Hieronymus - Liber de optimo genere interpretandi (Epistula 57): ein Kommentar

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BRILL, 1980 - 133 Seiten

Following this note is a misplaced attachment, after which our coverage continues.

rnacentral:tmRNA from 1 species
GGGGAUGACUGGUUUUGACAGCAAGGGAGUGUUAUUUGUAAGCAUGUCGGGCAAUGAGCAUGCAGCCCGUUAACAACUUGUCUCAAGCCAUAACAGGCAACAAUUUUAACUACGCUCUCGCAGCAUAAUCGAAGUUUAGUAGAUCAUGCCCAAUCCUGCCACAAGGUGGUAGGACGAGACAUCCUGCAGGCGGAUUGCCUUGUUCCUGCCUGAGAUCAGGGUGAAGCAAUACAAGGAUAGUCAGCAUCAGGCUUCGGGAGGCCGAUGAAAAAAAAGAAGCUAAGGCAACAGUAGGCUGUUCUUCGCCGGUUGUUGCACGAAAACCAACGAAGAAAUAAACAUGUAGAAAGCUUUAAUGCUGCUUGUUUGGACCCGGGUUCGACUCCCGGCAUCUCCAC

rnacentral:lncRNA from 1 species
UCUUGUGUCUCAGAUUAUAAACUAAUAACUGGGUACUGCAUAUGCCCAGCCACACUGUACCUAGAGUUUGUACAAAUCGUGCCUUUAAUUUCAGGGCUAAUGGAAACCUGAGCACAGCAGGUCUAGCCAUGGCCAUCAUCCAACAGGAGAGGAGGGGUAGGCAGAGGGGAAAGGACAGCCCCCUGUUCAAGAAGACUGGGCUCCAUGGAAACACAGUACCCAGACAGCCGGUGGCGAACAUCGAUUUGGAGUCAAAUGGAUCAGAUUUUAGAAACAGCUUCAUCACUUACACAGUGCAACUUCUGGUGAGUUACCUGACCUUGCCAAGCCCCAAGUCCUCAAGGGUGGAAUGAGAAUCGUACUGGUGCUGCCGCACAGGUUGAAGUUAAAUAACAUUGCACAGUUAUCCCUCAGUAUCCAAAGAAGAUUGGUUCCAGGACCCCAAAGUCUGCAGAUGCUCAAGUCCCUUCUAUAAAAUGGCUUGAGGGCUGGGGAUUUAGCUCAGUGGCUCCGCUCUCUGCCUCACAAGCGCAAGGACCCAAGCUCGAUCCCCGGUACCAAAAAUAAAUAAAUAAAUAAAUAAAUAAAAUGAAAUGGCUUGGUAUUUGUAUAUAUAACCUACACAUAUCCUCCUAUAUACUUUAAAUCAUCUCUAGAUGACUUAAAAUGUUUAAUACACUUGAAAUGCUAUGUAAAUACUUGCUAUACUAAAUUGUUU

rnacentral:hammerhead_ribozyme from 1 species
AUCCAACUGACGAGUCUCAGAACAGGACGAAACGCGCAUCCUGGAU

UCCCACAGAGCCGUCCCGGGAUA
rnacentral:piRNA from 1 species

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Jerome was the greatest scholar of the ancient church. Most of his mature life was spent in study in various parts of the Eastern Mediterranean. In approximately 372, he set out for the East and stayed in Antioch for a short period, eventually settling as a hermit in the Syrian desert for four or five years. He then spent some time in Constantinople and in 382 returned to Rome, where he became secretary to Pope Damasus. During his brief residence in Rome, he began his revision of the Bible into Latin translated from the original languages. The culmination of his work, which took over two decades, was known as the Vulgate, a Latin translation of the Bible. He returned to the East in 385 and eventually settled in Bethlehem, where he ruled a newly founded monastery and devoted the rest of his life to study and writing. In addition to the Vulgate, his writings include biblical commentaries and treatises concerning linguistic and topographical material written in order to help in the interpretation of Scripture.